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 Bratislava, the largest and the most important Slovak city, has a rich history. From its beginnings and throughout its historical development it has ranked among the most prominent cities of central Europe. It has played an important role in the spheres of economic, politic, administrative, cultural, national, and social transformations, and in decisive historical events. Slovakia features natural landscapes, mountains, caves, medieval castles and towns, folk architecture, spas and ski resorts.

More than 1.6 million people visited Slovakia in 2006, and the most attractive destinations are the capital of Bratislava and the High Tatras. Typical souvenirs from Slovakia are dolls dressed in folk costumes, ceramic objects, crystal glass, carved wooden figures, črpáks (wooden pitcher), fujaras (a folk instrument on the UNESCO list) and valaškas (a decorated folk hatchet) and above all products made from corn husks and wire, notably human figures.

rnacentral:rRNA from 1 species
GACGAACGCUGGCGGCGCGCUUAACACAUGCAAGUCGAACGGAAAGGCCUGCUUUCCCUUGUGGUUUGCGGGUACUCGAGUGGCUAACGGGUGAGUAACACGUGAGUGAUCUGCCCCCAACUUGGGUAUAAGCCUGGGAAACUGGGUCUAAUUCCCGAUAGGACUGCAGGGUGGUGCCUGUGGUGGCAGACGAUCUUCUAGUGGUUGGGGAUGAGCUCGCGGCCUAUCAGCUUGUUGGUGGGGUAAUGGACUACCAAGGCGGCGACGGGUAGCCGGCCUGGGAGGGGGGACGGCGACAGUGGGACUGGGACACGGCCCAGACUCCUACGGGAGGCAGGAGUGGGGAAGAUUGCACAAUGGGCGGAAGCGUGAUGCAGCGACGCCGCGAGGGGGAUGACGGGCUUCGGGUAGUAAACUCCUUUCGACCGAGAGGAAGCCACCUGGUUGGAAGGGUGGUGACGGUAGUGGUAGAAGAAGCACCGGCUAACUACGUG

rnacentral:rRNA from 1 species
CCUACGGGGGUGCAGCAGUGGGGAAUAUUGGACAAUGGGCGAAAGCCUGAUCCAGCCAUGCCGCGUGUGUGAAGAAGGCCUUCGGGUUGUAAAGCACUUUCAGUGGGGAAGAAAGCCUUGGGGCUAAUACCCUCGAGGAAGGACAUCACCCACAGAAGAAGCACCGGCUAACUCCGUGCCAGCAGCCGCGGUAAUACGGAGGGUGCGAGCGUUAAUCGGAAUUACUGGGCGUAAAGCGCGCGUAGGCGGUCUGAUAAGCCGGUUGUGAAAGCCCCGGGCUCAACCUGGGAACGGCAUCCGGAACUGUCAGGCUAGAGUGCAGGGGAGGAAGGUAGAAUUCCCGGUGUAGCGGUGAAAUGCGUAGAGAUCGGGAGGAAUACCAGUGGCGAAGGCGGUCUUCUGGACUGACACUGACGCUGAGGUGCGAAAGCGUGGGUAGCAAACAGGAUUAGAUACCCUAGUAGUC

Bratislava, the capital of Slovakia, straddles both banks of the Danube River, a major European waterway, and the foothills of the Little Carpathian Mountains, which form the beginning of the huge Carpathian Arc. The Little Carpathians recede to the Danube lowlands on the Southeast, and to the Zahorska lowlands on the Northwest. Both the Austrian and Hungarian borders are just “a stone’s throw” from the city centre.

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